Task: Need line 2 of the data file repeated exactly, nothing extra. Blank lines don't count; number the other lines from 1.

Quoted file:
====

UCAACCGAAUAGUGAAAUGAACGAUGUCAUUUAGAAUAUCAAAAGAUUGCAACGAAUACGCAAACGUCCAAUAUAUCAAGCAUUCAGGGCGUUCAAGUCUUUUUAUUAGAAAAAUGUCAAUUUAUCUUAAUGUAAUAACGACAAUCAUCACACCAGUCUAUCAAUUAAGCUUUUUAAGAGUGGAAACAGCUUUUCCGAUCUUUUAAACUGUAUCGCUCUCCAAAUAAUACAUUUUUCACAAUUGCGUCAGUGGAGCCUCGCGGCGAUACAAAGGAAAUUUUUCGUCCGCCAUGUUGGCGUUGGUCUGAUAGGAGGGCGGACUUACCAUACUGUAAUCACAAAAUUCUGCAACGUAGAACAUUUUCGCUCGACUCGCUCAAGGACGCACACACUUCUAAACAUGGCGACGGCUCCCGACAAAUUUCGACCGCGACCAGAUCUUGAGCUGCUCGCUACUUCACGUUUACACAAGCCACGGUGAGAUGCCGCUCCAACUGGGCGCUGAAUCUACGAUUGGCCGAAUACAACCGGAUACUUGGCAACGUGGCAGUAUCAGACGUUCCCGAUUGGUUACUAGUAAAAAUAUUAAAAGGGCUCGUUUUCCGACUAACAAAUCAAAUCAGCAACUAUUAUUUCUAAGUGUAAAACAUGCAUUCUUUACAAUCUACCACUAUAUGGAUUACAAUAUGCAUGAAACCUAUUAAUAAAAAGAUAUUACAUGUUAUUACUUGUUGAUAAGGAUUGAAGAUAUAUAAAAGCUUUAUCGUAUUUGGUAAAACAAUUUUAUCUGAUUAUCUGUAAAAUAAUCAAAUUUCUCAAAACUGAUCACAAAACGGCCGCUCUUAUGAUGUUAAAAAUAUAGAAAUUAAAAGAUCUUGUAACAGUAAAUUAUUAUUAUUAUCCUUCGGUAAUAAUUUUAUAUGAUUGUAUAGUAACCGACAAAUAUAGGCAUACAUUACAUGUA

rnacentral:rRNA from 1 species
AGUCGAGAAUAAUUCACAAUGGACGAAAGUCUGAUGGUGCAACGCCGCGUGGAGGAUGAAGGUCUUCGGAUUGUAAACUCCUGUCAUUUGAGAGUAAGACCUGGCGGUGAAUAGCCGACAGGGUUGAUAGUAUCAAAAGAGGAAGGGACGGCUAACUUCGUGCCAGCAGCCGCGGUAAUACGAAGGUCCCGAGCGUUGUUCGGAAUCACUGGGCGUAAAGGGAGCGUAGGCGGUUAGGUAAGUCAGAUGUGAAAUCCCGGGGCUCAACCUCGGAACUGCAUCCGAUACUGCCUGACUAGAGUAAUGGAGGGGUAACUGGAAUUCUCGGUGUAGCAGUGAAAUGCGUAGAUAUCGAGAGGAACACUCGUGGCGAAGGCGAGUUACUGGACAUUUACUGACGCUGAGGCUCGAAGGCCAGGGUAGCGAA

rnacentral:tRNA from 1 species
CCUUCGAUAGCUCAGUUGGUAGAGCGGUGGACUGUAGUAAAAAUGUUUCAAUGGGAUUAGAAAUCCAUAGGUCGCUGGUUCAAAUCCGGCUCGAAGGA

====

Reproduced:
rnacentral:rRNA from 1 species